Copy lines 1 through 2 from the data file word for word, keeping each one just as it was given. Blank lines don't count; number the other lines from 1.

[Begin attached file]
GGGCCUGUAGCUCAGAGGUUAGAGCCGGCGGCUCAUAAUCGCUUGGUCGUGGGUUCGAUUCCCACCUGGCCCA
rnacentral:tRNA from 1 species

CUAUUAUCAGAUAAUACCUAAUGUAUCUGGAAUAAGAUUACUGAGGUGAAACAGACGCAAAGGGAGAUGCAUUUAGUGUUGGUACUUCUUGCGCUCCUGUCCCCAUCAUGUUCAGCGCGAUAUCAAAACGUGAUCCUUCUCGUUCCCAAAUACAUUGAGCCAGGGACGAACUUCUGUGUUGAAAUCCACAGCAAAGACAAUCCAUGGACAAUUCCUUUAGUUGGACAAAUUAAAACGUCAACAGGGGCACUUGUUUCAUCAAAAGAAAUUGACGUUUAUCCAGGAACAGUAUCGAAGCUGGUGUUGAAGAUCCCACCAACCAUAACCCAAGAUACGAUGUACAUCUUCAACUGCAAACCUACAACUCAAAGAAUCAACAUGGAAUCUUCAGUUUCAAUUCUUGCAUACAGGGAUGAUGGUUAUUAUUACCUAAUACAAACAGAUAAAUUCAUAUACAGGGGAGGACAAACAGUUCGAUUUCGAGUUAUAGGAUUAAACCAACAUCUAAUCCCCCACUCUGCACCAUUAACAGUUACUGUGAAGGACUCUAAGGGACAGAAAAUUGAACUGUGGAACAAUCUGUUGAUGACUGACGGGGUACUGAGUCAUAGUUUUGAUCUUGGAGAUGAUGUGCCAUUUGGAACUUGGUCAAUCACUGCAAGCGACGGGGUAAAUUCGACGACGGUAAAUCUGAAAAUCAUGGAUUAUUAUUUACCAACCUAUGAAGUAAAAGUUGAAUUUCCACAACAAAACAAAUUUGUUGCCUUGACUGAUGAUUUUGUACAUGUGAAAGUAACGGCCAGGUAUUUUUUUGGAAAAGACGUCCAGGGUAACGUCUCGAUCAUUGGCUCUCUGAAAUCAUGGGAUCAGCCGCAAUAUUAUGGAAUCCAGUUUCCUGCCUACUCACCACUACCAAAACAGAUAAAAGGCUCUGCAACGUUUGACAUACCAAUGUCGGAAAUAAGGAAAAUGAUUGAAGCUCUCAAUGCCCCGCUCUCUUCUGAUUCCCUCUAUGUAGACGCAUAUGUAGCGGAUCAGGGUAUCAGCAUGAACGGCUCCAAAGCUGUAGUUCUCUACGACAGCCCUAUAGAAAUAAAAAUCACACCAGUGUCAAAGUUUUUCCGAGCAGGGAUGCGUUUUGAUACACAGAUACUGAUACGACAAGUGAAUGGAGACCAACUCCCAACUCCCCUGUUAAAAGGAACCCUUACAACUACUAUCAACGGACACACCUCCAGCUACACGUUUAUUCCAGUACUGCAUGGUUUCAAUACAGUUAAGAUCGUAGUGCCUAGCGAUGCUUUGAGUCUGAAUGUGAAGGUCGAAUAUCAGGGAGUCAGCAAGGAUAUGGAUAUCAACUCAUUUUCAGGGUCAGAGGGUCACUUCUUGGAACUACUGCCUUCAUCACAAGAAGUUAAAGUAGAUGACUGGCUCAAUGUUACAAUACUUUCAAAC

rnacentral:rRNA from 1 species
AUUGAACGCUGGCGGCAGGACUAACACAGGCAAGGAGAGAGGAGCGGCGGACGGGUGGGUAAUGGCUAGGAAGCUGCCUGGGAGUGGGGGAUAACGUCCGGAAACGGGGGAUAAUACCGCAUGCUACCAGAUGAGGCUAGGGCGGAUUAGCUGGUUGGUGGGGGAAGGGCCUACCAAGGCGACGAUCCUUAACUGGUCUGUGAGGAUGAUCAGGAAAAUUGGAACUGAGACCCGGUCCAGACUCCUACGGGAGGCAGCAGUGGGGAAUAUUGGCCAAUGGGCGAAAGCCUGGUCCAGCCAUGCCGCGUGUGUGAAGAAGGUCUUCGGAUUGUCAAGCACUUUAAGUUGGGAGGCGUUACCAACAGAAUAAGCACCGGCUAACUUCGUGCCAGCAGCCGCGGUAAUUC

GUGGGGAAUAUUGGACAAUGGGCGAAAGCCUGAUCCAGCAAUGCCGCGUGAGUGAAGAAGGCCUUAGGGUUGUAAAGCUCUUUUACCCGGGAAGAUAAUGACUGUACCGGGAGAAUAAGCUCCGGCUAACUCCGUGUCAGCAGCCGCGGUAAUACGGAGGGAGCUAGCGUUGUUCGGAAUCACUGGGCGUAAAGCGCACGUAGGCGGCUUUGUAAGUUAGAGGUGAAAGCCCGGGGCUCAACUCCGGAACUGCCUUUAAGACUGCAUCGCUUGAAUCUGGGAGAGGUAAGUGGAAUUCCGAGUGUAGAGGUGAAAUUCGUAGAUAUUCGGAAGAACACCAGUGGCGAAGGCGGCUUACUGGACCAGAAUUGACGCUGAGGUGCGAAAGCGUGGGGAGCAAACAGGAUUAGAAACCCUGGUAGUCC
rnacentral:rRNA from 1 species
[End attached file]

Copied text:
GGGCCUGUAGCUCAGAGGUUAGAGCCGGCGGCUCAUAAUCGCUUGGUCGUGGGUUCGAUUCCCACCUGGCCCA
rnacentral:tRNA from 1 species